Samsung v Apple gets contempt of court-y

The Korean tech giant released prohibited evidence to the press, angering the presiding judge

Apple versus Samsung got off to a turbulent start yesterday, with the presiding judge, Lucy Koh, berating the Korean tech giant for what looks very much like attempted contempt of court.

Apple's lawsuit, which is over allegations that Samsung deliberately copied Apple's patented designs for the iPhone for its own smartphone products, is matched by a countersuit from Samsung, alledging that Apple is in breach of its own patents relating to mobile phone technology. Apple is attempting to portraty its opponent as an admitted copycat which only resorted to patent suits when it couldn't defend its designs on their own merits, while Samsung is trying to argue that Apple is the real copycat.

Some of the evidence presented yesterday is more compelling than others. Apple pointed to internal Samsung documents describing the iPhone as "easy to copy", while Samsung argues that much of what Apple claims is "magical" design was in fact industry standard long before the iPhone.

However, Samsung was angered by the judge's decision not to let them submit some evidence to the jury which they deemed crucial. Two arguments, that Apple itself may have ripped off Sony, and that Samsung had an iPhone lookalike in development before the phone's release, were prevented from being presented in court due to late submissions.

Both these arguments have been in the public domain for several days now, and the Sony claim isn't as strong as Samsung may hope. The company pointed out that Apple itself sent round an internal brief to design a "Sony-like" phone, which would eventually become the iPhone. The problem Samsung has it that this is the Sony phone (pic) they alledge Apple ripped off, and it is a far cry from the outcome of that prototyping session, the "Jony" phone (pic), named after Apple designer Jony Ive. Meanwhile, the difference between Samsung's Vibrant (pic) and an iPhone is less obvious.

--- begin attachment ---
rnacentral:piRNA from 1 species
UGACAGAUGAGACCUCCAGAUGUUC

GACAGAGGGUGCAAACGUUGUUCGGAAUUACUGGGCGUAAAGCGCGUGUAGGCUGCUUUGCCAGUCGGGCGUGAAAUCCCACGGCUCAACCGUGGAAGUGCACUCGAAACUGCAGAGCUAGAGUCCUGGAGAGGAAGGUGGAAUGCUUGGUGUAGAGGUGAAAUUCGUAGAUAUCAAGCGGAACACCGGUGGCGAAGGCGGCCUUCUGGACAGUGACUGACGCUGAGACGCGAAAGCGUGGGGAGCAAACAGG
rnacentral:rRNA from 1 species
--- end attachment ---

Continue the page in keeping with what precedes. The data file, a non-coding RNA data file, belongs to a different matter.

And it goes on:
But the latter defence is one that the company may regret not getting in. The Verge has a picture of the slide Samsung were hoping to show the jury, which shows five different internal prototypes of touchscreen, one-button phones in development before the iPhone's announcement in January 2007.

Unfortunately, while the decision by the judge not to allow that to be shown in court may have damaged Samsung's chances, the company itself may have done far worse. Immediately following Judge Koh's final rejection, Samsung "emailed its rejected slides regarding F700 development and the 'Sony-style' prototype to the press with a statement saying 'The excluded evidence would have established beyond doubt that Samsung did not copy the iPhone design,'" according to the Verge's Nilay Patel.

Worse still, the statement argues that "fundamental fairness requires that the jury decide the case based on all the evidence". One person's plaintive cry of unfairness sounds a lot like another's nudge-and-wink suggestion that the jury ought to see evidence banned from court anyway. Judge Koh was "livid" when she found out, and demanded to know who authorised the release. This is a move that could come back to haunt Samsung.

Spot the difference... A Samsung and an Apple phone.

Alex Hern is a technology reporter for the Guardian. He was formerly staff writer at the New Statesman. You should follow Alex on Twitter.

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“I felt very lonely”: addressing the untold story of isolation among young mothers

With one in five young mothers lonely “all the time”, it’s time for employers and services to step up.